Fundamental Analysis and the SIE Exam - dummies

By Steven M. Rice

Although most analysts use some combination of fundamental analysis and technical analysis to make their securities recommendations, for Securities Industry Essentials (SIE) exam purposes, you need to be able to differentiate between the two types.

To help lead people down the path of riches, you have to analyze your customer’s portfolio and the market and try to find a good fit. In many cases firms hire analysts to provide registered reps with investment information, which helps you determine the best recommendations for each customer.

Fundamental analysts perform an in-depth analysis of companies. They look at the management of a company and its financial condition (balance sheets, income statements, the industry, management, earnings, and so on) and compare it to other companies in the same industry. They can also compare many years of financial statements to help determine whether a company is heading in the right direction. In addition, fundamental analysts even look at the overall economy and industry conditions to determine whether an investment is good to buy.

In simplest terms, fundamental analysts decide what to buy.

A fundamental analyst’s goal is to determine the value of a particular security and decide whether it’s underpriced or overpriced. If the security is underpriced, a fundamental analyst recommends buying the security; if the security is overpriced, he recommends selling or selling the security short.

The following discussion explains some of the fundamental analyst’s tools of the trade and how to use them.

Balance sheet components

The balance sheet provides an image of a company’s financial position at a given point in time. The SIE exam tests your ability to understand the components and how financial moves that the company makes (buying equipment, issuing stock, issuing bonds, paying off bonds, and so on) affect the balance sheet. In general, understanding how a balance sheet works is more important than being able to name all the components.

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Components of a balance sheet.

People call this statement a balance sheet because the assets must always balance out the liabilities plus the stockholders’ equity.

Assets are items that a company owns. They include

  • Current assets: Owned items that are easily converted into cash within the next 12 months; included in current assets are cash, securities, accounts receivable, inventory, and any prepaid expenses (like rent or advertising).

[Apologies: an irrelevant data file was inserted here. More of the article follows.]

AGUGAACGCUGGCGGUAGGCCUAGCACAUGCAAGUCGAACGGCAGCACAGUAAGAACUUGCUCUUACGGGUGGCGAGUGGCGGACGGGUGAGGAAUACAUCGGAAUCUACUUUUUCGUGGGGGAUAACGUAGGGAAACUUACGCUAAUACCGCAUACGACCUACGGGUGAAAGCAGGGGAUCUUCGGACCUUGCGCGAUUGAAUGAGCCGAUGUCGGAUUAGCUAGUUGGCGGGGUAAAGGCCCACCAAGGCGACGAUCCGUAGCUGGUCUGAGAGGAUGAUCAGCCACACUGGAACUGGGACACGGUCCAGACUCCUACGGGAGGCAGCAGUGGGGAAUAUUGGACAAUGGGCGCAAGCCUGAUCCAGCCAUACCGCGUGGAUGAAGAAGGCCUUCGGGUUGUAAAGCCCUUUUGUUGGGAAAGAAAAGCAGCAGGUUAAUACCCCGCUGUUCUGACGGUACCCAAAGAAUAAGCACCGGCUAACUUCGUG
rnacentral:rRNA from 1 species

Note: Fundamental analysts also look at methods of inventory valuation, such as LIFO (last in first out) or FIFO (first in first out). In addition, they look at the methods of depreciation, which are either straight line (depreciating an equal amount each year) or accelerated (depreciating more in earlier years and less in later years).

  • Fixed assets: Owned items that aren’t easily converted into cash; included are property, plant(s), and equipment. Because fixed assets wear down over time, they can be depreciated.
  • Intangible assets: Owned items that don’t have any physical properties; included are items such as trademarks, patents, formulas, goodwill (a value based on the reputation of a company — for example, the name McDonald’s is probably worth more than Fred’s Sloppy Burgers), and so on.

Liabilities are what a company owes. They may be current or long-term:

  • Current liabilities: Debt obligations that are due to be paid within the next 12 months; included in current liabilities are accounts payable (what a company owes in bills), wages, debt securities due to mature, notes payable (the balance due on money borrowed), declared cash dividends, and taxes.
  • Long-term liabilities: Debt obligation due to be paid after 12 months; included in long-term liabilities are mortgages and outstanding corporate bonds.

Stockholders’ equity (net worth) is the difference between the assets and the liabilities (basically, what the company is worth). This value includes

  • Par value of the common stock: The arbitrary amount that the company uses for bookkeeping purposes. If a company issues 1 million shares of common stock with a par value of $1, the par value on the stockholders’ equity portion of the balance sheet is $1 million.
  • Par value of the preferred stock: The value that the company uses for bookkeeping purposes (usually $100 per share). If the company issues 10,000 shares of preferred stock, the par value on the stockholders’ equity portion of the balance sheet is $1 million.
  • Paid in capital: The amount over par value that the company receives for issuing stock. For example, if the par value of the common stock is $1 but the company receives $7 per share, the paid in capital is $6 per share. The same theory holds true for the preferred stock.
  • Treasury stock: Stock that was outstanding in the market but was repurchased by the company.
  • Retained earnings: The percentage of net earnings the company holds after paying out dividends (if any) to its shareholders.

Income statement components

An income statement tells you how profitable a company is right now. Income statements list a corporation’s expenses and revenues for a specific period of time (quarterly, year-to-date, or yearly). When comparing revenues to expenses, you should be able to see the efficiency of the company and how profitable it is. You don’t need to actually see a detailed balance sheet from a company, but knowing the components of an income statement is important. Take a look at the following figure to see how an income statement is laid out. Most of the items are self-explanatory.

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Components of an income statement.